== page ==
Another starter who has been a huge disappointment this season is the reigning American League Cy Young award winner, Astros starter Dallas Keuchel. Coming off a season where he went 20-8 with a 2.48 ERA, Keuchel has not been the same pitcher we saw in 2015. On Sunday, he was knocked around for 7 runs on 9 hits, a walk and 6 strikeouts in 6 innings in the Astros 9-2 loss to the Rangers. The loss moved his record to 2-6 with a 5.92 ERA, 3.92 FIP, a 1.59 WHIP and a 53-26 strikeout to walk rate. The walks and increased hard hit rate has hurt Keuchel thus far. Last season, he walked just 51 batters in 232 innings. This season, he has already walked 26 in just 62.1 innings. Since shutting out the Tigers back on Jackie Robinson Day (April 15th), Keuchel has given up 36 runs, on 59 hits, 15 walks and 36 strikeouts in 41.2 innings, and has seen his ERA rise from 2.15 to 5.92. If I owned Keuchel, I know I wouldn't get much in return for him, but I would consider dropping him, but I think I would wait till June to do so, as there are still more than four months left in the season, allowing him time to turn things around.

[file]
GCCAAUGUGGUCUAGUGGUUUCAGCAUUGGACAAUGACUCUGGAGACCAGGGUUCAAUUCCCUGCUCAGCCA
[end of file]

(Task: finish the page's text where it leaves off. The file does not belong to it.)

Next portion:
With other second baseman like Astros Jose Altuve, Nationals Daniel Murphy and Mariners Robinson Cano stealing the headlines for fantasy purposes, one second baseman who is quietly having a very good season is Ian Kinsler. The Tigers second baseman went 1-5 with a run scored on Sunday in the Tigers 9-2 win over the Rays. He is now hitting .313-.361-.531 with 10 home runs, 40 runs scored, 24 RBI and 4 stolen bases. He leads the majors in runs scored with 40, and, among his keystone brethren, he ranks in the top five in home runs, RBI and batting average. Sometimes going against the grain and drafting the older veteran player can be the smart move on draft day, and Kinsler has not disappointed his owners to date.
Well, the scouting reports on Red Sox shortstop Xander Bogaerts have proven to be accurate. The guy can hit. On Sunday, Bogaerts went 3-5 with a run scored and an RBI in the Red Sox 5-2 win over the Indians. The three hits improved his slash line to .346-.397-.495 with 4 home runs, 33 runs scored, 25 RBI and 6 stolen bases. He hasn't reached his power potential yet, but he is on pace for 15 home runs, 122 runs scored, 93 RBI and 22 stolen bases. The stolen base total to date are a surprise, especially since he stole just 10 bases last season. He is getting the green light more often this season. Should he reach the 20 stolen base level, he will move into the conversation as a top 3 shortstop for me. He currently ranks in the top five among all qualified fantasy shortstops in runs scored, RBI, stolen bases and batting average. If I had to rank fantasy shortstops for the rest of the season, I would rank Bogaerts at #3 behind Manny Machado and Carlos Correa, but Rockies shortstop Trevor Story would make me think long and hard at #3.